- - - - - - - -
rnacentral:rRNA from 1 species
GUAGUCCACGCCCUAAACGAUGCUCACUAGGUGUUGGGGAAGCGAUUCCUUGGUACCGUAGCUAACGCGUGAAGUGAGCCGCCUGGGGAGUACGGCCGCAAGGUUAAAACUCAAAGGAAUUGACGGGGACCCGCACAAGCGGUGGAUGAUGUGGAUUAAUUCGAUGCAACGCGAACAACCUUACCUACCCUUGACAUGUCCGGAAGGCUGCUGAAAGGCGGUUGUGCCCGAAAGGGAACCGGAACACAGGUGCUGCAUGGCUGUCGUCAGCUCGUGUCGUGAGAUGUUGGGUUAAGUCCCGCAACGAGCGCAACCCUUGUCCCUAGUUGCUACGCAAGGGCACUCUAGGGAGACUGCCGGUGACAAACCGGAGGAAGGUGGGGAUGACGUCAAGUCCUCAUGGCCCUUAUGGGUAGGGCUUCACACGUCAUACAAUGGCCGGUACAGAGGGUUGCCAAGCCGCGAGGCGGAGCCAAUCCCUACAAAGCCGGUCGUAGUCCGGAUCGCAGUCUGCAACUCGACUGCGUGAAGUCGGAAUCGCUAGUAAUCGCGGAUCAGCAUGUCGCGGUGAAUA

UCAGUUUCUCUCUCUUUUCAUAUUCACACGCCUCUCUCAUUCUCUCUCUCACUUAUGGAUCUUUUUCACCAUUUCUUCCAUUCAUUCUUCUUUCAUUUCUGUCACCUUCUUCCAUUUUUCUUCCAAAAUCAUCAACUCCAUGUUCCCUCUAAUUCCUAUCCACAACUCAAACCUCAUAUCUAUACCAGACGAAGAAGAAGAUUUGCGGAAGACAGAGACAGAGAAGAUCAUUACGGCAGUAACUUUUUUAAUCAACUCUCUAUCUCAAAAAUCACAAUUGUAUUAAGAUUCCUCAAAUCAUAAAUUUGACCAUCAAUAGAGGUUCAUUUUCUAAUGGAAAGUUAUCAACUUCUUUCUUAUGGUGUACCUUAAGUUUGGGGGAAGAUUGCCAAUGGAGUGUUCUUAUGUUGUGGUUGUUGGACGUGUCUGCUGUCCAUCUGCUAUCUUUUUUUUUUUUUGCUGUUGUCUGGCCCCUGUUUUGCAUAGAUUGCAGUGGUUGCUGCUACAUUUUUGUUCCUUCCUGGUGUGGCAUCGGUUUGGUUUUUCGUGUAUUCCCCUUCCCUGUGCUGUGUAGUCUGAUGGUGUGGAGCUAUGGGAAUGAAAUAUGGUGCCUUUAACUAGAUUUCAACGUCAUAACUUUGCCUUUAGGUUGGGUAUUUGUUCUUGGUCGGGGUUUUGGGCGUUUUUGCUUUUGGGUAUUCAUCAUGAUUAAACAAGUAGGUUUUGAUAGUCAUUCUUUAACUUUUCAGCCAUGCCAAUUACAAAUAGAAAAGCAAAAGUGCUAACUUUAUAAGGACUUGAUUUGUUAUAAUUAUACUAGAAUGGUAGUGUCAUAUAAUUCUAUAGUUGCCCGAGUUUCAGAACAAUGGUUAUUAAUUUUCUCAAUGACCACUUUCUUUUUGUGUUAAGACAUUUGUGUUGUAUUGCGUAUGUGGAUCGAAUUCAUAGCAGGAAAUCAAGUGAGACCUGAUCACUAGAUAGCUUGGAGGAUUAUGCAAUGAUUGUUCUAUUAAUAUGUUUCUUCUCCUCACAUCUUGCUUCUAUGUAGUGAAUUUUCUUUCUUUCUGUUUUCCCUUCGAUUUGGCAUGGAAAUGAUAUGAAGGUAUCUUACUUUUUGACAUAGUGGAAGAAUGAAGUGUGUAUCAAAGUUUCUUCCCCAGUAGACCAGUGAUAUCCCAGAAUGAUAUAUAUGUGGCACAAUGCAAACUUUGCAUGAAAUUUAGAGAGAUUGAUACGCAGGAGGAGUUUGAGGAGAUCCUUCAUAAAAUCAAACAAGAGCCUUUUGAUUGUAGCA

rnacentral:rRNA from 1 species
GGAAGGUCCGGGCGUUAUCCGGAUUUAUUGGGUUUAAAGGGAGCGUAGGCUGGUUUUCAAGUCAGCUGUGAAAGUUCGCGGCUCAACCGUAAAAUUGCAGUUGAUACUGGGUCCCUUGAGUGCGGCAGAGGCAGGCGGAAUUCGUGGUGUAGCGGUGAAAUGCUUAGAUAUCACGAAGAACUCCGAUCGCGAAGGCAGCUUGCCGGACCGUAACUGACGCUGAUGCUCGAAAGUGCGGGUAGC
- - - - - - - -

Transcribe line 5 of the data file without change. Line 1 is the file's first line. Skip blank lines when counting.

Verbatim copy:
GGAAGGUCCGGGCGUUAUCCGGAUUUAUUGGGUUUAAAGGGAGCGUAGGCUGGUUUUCAAGUCAGCUGUGAAAGUUCGCGGCUCAACCGUAAAAUUGCAGUUGAUACUGGGUCCCUUGAGUGCGGCAGAGGCAGGCGGAAUUCGUGGUGUAGCGGUGAAAUGCUUAGAUAUCACGAAGAACUCCGAUCGCGAAGGCAGCUUGCCGGACCGUAACUGACGCUGAUGCUCGAAAGUGCGGGUAGC